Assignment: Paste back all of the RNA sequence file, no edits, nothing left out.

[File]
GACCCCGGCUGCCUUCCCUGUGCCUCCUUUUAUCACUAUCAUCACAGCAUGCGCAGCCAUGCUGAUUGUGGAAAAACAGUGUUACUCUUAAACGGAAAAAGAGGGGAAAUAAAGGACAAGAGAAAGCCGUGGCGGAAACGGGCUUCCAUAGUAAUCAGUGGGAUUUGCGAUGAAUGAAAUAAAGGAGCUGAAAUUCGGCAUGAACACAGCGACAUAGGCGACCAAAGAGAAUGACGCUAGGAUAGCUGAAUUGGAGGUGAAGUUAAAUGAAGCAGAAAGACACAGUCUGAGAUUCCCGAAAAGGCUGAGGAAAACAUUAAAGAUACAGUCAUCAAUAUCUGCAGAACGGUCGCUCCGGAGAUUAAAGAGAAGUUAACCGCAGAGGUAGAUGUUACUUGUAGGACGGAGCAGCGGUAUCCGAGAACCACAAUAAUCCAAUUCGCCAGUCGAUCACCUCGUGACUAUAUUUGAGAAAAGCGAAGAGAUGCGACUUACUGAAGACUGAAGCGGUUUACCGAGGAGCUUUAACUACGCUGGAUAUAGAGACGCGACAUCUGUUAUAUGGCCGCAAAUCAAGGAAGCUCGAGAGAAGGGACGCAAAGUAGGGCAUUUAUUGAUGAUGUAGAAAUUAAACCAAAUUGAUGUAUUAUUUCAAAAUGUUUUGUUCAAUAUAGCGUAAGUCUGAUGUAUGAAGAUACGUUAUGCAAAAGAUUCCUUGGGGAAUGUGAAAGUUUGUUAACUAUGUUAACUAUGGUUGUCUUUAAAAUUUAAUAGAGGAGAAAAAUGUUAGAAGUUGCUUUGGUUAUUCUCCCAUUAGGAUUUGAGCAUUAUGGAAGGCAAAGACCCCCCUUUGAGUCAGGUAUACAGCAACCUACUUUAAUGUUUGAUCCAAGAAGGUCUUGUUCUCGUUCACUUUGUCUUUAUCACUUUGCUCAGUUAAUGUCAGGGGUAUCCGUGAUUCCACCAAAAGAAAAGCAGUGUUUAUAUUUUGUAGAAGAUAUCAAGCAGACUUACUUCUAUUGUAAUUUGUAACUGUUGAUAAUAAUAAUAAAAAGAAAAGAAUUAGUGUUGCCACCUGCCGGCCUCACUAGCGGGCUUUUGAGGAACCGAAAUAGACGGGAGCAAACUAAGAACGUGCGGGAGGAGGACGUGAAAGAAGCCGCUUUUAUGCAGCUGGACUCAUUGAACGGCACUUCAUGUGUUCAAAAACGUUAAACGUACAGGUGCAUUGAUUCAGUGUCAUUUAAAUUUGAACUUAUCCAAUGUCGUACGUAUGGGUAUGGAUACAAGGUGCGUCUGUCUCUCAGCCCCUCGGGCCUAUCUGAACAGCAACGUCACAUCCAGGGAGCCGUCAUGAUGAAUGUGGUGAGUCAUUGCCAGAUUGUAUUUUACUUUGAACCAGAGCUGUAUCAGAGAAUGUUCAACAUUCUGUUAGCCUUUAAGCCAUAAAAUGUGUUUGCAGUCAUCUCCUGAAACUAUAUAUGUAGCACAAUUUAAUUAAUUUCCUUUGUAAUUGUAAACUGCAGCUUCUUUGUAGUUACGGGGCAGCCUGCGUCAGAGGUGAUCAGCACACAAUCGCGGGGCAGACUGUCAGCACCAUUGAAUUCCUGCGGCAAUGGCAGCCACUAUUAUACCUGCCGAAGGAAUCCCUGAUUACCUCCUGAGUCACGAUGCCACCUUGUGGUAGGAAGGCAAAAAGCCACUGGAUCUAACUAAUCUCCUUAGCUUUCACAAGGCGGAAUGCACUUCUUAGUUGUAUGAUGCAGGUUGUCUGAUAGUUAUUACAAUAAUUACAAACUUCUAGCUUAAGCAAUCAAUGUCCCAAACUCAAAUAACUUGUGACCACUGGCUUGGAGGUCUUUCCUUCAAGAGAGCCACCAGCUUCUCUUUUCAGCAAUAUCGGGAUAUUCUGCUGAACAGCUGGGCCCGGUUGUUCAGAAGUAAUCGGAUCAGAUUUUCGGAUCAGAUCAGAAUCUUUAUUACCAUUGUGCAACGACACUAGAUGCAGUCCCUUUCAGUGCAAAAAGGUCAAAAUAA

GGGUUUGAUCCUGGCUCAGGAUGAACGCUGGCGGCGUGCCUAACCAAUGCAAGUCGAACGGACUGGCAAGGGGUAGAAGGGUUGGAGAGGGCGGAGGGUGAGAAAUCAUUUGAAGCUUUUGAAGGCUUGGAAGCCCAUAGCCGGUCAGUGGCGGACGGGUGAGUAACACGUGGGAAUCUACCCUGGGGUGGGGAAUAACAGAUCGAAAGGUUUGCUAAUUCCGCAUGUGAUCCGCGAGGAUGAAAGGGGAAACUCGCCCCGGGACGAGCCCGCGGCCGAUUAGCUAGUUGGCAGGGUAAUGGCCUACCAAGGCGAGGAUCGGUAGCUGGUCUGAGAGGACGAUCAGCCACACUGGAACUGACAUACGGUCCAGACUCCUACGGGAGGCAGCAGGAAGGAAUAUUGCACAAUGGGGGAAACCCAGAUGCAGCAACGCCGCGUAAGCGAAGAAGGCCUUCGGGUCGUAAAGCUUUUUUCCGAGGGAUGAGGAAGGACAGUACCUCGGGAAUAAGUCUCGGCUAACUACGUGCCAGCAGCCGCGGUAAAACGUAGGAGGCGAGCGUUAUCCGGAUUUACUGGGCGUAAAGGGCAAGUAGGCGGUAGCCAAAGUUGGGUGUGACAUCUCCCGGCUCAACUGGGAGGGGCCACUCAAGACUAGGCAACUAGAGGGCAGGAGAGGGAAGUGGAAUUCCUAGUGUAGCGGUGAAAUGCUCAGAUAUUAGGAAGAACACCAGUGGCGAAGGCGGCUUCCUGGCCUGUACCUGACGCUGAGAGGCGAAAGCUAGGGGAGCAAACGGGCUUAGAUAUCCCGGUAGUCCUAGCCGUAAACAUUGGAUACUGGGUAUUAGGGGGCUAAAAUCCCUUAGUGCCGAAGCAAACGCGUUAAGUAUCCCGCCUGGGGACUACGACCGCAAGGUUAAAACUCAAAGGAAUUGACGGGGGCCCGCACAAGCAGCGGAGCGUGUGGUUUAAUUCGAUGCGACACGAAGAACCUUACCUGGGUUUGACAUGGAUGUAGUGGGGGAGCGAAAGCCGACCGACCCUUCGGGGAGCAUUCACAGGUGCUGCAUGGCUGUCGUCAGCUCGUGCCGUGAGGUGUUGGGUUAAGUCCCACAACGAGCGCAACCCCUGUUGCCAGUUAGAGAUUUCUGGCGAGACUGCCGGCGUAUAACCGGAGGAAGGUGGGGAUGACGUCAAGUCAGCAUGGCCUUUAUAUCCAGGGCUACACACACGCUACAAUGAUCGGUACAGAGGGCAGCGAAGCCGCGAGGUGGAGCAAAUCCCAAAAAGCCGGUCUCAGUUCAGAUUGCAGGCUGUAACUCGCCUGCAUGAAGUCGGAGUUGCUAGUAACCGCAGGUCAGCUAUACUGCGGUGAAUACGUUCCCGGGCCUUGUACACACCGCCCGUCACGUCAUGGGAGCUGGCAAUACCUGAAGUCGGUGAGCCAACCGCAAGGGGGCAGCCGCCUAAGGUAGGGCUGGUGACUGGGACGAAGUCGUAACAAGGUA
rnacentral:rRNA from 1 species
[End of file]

GACCCCGGCUGCCUUCCCUGUGCCUCCUUUUAUCACUAUCAUCACAGCAUGCGCAGCCAUGCUGAUUGUGGAAAAACAGUGUUACUCUUAAACGGAAAAAGAGGGGAAAUAAAGGACAAGAGAAAGCCGUGGCGGAAACGGGCUUCCAUAGUAAUCAGUGGGAUUUGCGAUGAAUGAAAUAAAGGAGCUGAAAUUCGGCAUGAACACAGCGACAUAGGCGACCAAAGAGAAUGACGCUAGGAUAGCUGAAUUGGAGGUGAAGUUAAAUGAAGCAGAAAGACACAGUCUGAGAUUCCCGAAAAGGCUGAGGAAAACAUUAAAGAUACAGUCAUCAAUAUCUGCAGAACGGUCGCUCCGGAGAUUAAAGAGAAGUUAACCGCAGAGGUAGAUGUUACUUGUAGGACGGAGCAGCGGUAUCCGAGAACCACAAUAAUCCAAUUCGCCAGUCGAUCACCUCGUGACUAUAUUUGAGAAAAGCGAAGAGAUGCGACUUACUGAAGACUGAAGCGGUUUACCGAGGAGCUUUAACUACGCUGGAUAUAGAGACGCGACAUCUGUUAUAUGGCCGCAAAUCAAGGAAGCUCGAGAGAAGGGACGCAAAGUAGGGCAUUUAUUGAUGAUGUAGAAAUUAAACCAAAUUGAUGUAUUAUUUCAAAAUGUUUUGUUCAAUAUAGCGUAAGUCUGAUGUAUGAAGAUACGUUAUGCAAAAGAUUCCUUGGGGAAUGUGAAAGUUUGUUAACUAUGUUAACUAUGGUUGUCUUUAAAAUUUAAUAGAGGAGAAAAAUGUUAGAAGUUGCUUUGGUUAUUCUCCCAUUAGGAUUUGAGCAUUAUGGAAGGCAAAGACCCCCCUUUGAGUCAGGUAUACAGCAACCUACUUUAAUGUUUGAUCCAAGAAGGUCUUGUUCUCGUUCACUUUGUCUUUAUCACUUUGCUCAGUUAAUGUCAGGGGUAUCCGUGAUUCCACCAAAAGAAAAGCAGUGUUUAUAUUUUGUAGAAGAUAUCAAGCAGACUUACUUCUAUUGUAAUUUGUAACUGUUGAUAAUAAUAAUAAAAAGAAAAGAAUUAGUGUUGCCACCUGCCGGCCUCACUAGCGGGCUUUUGAGGAACCGAAAUAGACGGGAGCAAACUAAGAACGUGCGGGAGGAGGACGUGAAAGAAGCCGCUUUUAUGCAGCUGGACUCAUUGAACGGCACUUCAUGUGUUCAAAAACGUUAAACGUACAGGUGCAUUGAUUCAGUGUCAUUUAAAUUUGAACUUAUCCAAUGUCGUACGUAUGGGUAUGGAUACAAGGUGCGUCUGUCUCUCAGCCCCUCGGGCCUAUCUGAACAGCAACGUCACAUCCAGGGAGCCGUCAUGAUGAAUGUGGUGAGUCAUUGCCAGAUUGUAUUUUACUUUGAACCAGAGCUGUAUCAGAGAAUGUUCAACAUUCUGUUAGCCUUUAAGCCAUAAAAUGUGUUUGCAGUCAUCUCCUGAAACUAUAUAUGUAGCACAAUUUAAUUAAUUUCCUUUGUAAUUGUAAACUGCAGCUUCUUUGUAGUUACGGGGCAGCCUGCGUCAGAGGUGAUCAGCACACAAUCGCGGGGCAGACUGUCAGCACCAUUGAAUUCCUGCGGCAAUGGCAGCCACUAUUAUACCUGCCGAAGGAAUCCCUGAUUACCUCCUGAGUCACGAUGCCACCUUGUGGUAGGAAGGCAAAAAGCCACUGGAUCUAACUAAUCUCCUUAGCUUUCACAAGGCGGAAUGCACUUCUUAGUUGUAUGAUGCAGGUUGUCUGAUAGUUAUUACAAUAAUUACAAACUUCUAGCUUAAGCAAUCAAUGUCCCAAACUCAAAUAACUUGUGACCACUGGCUUGGAGGUCUUUCCUUCAAGAGAGCCACCAGCUUCUCUUUUCAGCAAUAUCGGGAUAUUCUGCUGAACAGCUGGGCCCGGUUGUUCAGAAGUAAUCGGAUCAGAUUUUCGGAUCAGAUCAGAAUCUUUAUUACCAUUGUGCAACGACACUAGAUGCAGUCCCUUUCAGUGCAAAAAGGUCAAAAUAA

GGGUUUGAUCCUGGCUCAGGAUGAACGCUGGCGGCGUGCCUAACCAAUGCAAGUCGAACGGACUGGCAAGGGGUAGAAGGGUUGGAGAGGGCGGAGGGUGAGAAAUCAUUUGAAGCUUUUGAAGGCUUGGAAGCCCAUAGCCGGUCAGUGGCGGACGGGUGAGUAACACGUGGGAAUCUACCCUGGGGUGGGGAAUAACAGAUCGAAAGGUUUGCUAAUUCCGCAUGUGAUCCGCGAGGAUGAAAGGGGAAACUCGCCCCGGGACGAGCCCGCGGCCGAUUAGCUAGUUGGCAGGGUAAUGGCCUACCAAGGCGAGGAUCGGUAGCUGGUCUGAGAGGACGAUCAGCCACACUGGAACUGACAUACGGUCCAGACUCCUACGGGAGGCAGCAGGAAGGAAUAUUGCACAAUGGGGGAAACCCAGAUGCAGCAACGCCGCGUAAGCGAAGAAGGCCUUCGGGUCGUAAAGCUUUUUUCCGAGGGAUGAGGAAGGACAGUACCUCGGGAAUAAGUCUCGGCUAACUACGUGCCAGCAGCCGCGGUAAAACGUAGGAGGCGAGCGUUAUCCGGAUUUACUGGGCGUAAAGGGCAAGUAGGCGGUAGCCAAAGUUGGGUGUGACAUCUCCCGGCUCAACUGGGAGGGGCCACUCAAGACUAGGCAACUAGAGGGCAGGAGAGGGAAGUGGAAUUCCUAGUGUAGCGGUGAAAUGCUCAGAUAUUAGGAAGAACACCAGUGGCGAAGGCGGCUUCCUGGCCUGUACCUGACGCUGAGAGGCGAAAGCUAGGGGAGCAAACGGGCUUAGAUAUCCCGGUAGUCCUAGCCGUAAACAUUGGAUACUGGGUAUUAGGGGGCUAAAAUCCCUUAGUGCCGAAGCAAACGCGUUAAGUAUCCCGCCUGGGGACUACGACCGCAAGGUUAAAACUCAAAGGAAUUGACGGGGGCCCGCACAAGCAGCGGAGCGUGUGGUUUAAUUCGAUGCGACACGAAGAACCUUACCUGGGUUUGACAUGGAUGUAGUGGGGGAGCGAAAGCCGACCGACCCUUCGGGGAGCAUUCACAGGUGCUGCAUGGCUGUCGUCAGCUCGUGCCGUGAGGUGUUGGGUUAAGUCCCACAACGAGCGCAACCCCUGUUGCCAGUUAGAGAUUUCUGGCGAGACUGCCGGCGUAUAACCGGAGGAAGGUGGGGAUGACGUCAAGUCAGCAUGGCCUUUAUAUCCAGGGCUACACACACGCUACAAUGAUCGGUACAGAGGGCAGCGAAGCCGCGAGGUGGAGCAAAUCCCAAAAAGCCGGUCUCAGUUCAGAUUGCAGGCUGUAACUCGCCUGCAUGAAGUCGGAGUUGCUAGUAACCGCAGGUCAGCUAUACUGCGGUGAAUACGUUCCCGGGCCUUGUACACACCGCCCGUCACGUCAUGGGAGCUGGCAAUACCUGAAGUCGGUGAGCCAACCGCAAGGGGGCAGCCGCCUAAGGUAGGGCUGGUGACUGGGACGAAGUCGUAACAAGGUA
rnacentral:rRNA from 1 species